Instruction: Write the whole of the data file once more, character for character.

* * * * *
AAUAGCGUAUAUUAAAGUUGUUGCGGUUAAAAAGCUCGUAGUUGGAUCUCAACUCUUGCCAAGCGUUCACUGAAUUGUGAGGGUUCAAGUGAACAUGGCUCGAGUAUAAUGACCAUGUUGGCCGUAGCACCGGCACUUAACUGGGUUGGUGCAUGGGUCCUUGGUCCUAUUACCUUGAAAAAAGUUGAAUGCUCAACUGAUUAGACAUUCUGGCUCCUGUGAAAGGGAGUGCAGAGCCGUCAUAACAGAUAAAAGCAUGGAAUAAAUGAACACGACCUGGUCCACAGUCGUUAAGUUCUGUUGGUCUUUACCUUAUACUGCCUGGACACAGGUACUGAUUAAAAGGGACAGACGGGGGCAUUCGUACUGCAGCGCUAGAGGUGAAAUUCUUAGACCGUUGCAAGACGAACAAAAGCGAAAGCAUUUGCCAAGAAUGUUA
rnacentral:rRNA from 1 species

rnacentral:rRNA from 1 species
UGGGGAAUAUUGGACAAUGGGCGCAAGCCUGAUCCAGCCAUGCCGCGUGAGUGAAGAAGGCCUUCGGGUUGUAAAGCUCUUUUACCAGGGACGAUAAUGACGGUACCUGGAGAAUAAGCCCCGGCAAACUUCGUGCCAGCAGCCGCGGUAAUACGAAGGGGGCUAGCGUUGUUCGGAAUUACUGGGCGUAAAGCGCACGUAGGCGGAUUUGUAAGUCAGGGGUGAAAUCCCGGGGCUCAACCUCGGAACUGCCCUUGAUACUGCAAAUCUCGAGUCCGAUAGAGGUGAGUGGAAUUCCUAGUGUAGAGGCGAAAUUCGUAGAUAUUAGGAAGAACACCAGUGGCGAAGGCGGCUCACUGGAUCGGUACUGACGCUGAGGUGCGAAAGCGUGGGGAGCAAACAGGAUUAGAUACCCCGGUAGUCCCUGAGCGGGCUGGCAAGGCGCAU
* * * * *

AAUAGCGUAUAUUAAAGUUGUUGCGGUUAAAAAGCUCGUAGUUGGAUCUCAACUCUUGCCAAGCGUUCACUGAAUUGUGAGGGUUCAAGUGAACAUGGCUCGAGUAUAAUGACCAUGUUGGCCGUAGCACCGGCACUUAACUGGGUUGGUGCAUGGGUCCUUGGUCCUAUUACCUUGAAAAAAGUUGAAUGCUCAACUGAUUAGACAUUCUGGCUCCUGUGAAAGGGAGUGCAGAGCCGUCAUAACAGAUAAAAGCAUGGAAUAAAUGAACACGACCUGGUCCACAGUCGUUAAGUUCUGUUGGUCUUUACCUUAUACUGCCUGGACACAGGUACUGAUUAAAAGGGACAGACGGGGGCAUUCGUACUGCAGCGCUAGAGGUGAAAUUCUUAGACCGUUGCAAGACGAACAAAAGCGAAAGCAUUUGCCAAGAAUGUUA
rnacentral:rRNA from 1 species

rnacentral:rRNA from 1 species
UGGGGAAUAUUGGACAAUGGGCGCAAGCCUGAUCCAGCCAUGCCGCGUGAGUGAAGAAGGCCUUCGGGUUGUAAAGCUCUUUUACCAGGGACGAUAAUGACGGUACCUGGAGAAUAAGCCCCGGCAAACUUCGUGCCAGCAGCCGCGGUAAUACGAAGGGGGCUAGCGUUGUUCGGAAUUACUGGGCGUAAAGCGCACGUAGGCGGAUUUGUAAGUCAGGGGUGAAAUCCCGGGGCUCAACCUCGGAACUGCCCUUGAUACUGCAAAUCUCGAGUCCGAUAGAGGUGAGUGGAAUUCCUAGUGUAGAGGCGAAAUUCGUAGAUAUUAGGAAGAACACCAGUGGCGAAGGCGGCUCACUGGAUCGGUACUGACGCUGAGGUGCGAAAGCGUGGGGAGCAAACAGGAUUAGAUACCCCGGUAGUCCCUGAGCGGGCUGGCAAGGCGCAU